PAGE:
11. Students.

They’re incredible.

12. Twitter.

It’s the ultimate staff room. Lots of interesting debate, ideas and an overwhelming willingness to share. Teaching is an emotional, people orientated art form and without the support, kindness and gift giving of fellow professionals I don’t think the profession would grow. So I thank you Twitter for connecting me with many marvellous artists! 

13. Next steps.

I recently attended my first interview for the role of Assistant Principal. Didn’t get the job but learnt an awful lot! Why Assistant Principal? I want to influence more students than just the ones I teach. I like to be challenged. I like to connect, collaborate and work with other people. I like to learn from other people and help them to do their best possible work. I have a passion for teaching and learning that I want to share. I’m devoted to meaningful work. 

2014 in no particular order…

1. Keep exploring pedagogy.

2. Take more (measured) risks in the classroom.

3. Blog / reflect more often.

4. Listen more.

5. Read more – looking forward to Simon Sinek’s ‘Leaders eat last.’

6. Deliver a teach meet in Bristol (keep diaries clear for 20th March 2014).

7. Encourage more people to share remarkable ideas through http://neverstoplearninghub.com/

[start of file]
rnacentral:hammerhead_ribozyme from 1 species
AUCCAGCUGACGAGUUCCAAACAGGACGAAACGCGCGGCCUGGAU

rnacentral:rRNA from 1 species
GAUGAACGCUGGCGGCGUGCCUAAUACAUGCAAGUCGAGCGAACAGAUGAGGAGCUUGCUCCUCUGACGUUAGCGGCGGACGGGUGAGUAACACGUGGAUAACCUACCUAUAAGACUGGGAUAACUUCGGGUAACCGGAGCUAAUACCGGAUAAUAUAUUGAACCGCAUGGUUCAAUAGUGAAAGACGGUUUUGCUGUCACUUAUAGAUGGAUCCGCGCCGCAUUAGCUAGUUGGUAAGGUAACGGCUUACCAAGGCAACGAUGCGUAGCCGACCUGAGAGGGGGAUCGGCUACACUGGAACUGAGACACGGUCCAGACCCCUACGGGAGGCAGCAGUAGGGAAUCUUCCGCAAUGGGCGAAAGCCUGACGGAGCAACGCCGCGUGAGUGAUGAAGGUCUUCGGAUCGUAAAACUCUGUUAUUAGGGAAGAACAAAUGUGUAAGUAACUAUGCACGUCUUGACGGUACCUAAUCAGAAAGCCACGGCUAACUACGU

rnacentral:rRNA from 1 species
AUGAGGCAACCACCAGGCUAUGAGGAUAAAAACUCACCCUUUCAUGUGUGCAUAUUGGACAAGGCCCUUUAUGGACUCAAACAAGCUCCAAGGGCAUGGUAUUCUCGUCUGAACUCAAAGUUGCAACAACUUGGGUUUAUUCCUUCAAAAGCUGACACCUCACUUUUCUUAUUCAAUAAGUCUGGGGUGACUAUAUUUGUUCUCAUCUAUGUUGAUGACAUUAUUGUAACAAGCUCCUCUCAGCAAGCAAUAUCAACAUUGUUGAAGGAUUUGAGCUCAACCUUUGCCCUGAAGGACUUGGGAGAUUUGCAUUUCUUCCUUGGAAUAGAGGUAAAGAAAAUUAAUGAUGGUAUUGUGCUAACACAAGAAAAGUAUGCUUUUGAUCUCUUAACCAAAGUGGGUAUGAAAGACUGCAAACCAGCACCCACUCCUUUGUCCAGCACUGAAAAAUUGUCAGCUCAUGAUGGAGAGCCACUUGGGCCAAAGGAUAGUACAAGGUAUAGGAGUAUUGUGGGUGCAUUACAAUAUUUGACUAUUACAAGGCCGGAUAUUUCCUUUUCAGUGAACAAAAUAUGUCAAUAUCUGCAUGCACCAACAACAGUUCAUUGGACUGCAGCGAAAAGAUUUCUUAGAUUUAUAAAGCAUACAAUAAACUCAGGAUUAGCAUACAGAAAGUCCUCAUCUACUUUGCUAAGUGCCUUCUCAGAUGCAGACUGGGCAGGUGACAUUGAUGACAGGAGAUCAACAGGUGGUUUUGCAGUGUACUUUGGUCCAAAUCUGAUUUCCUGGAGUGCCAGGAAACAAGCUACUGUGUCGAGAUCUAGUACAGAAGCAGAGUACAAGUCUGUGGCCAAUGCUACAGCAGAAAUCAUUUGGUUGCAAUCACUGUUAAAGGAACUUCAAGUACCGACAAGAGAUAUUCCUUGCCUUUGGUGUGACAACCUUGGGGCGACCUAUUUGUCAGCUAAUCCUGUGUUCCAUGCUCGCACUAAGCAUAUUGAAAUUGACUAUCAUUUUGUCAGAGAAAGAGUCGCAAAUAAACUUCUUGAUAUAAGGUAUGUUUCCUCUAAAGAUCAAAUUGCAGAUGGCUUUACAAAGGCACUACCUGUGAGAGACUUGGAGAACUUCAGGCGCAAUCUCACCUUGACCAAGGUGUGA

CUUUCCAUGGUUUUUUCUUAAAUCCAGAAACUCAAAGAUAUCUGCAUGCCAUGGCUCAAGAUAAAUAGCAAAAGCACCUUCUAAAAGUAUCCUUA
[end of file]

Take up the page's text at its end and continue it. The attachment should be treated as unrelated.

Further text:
8. Run 100km in one go and complete 5 ultra marathons.

9. Keep expectations high. 

10. Continue to work through Doug Lemov’s ‘Teach like a champion’ book, trying out different techniques in the classroom (if you don’t have this book get it!).

11. Organise and run CPD sessions with pedagogy leaders.

12. Exercise everyday.

13. Eat less chocolate biscuits.

14. Never stop learning.

20131224-174305.jpg

Safe is risky.

Safe is risky. Very good is bad. We must be remarkable. Our students deserve nothing less.

Whatever your line of work it’s not enough to just follow instructions and be a cog in a bigger machine. As Godin points out in ‘The Icarus Deception’ and ‘Linchpin’, the industrial complex is dying and we are now living in a connected economy where it pays to give.

Let me explain a bit further.

Safe is risky. Playing safe will not enable you to grow. It’s only by taking measured risks that we learn and grow.

Very good is bad. This is a phrase we use when people do what we expect of them. The industrial age taught us that the reward for producing lots of ‘work’ is being given more work to do. So we tend to hold back. The trick here is to find your art, the meaningful work you do that doesn’t really feel like work at all. You will have a much greater chance of feeling a sense of fulfilment and viewing the fruit of your labour as meaningful.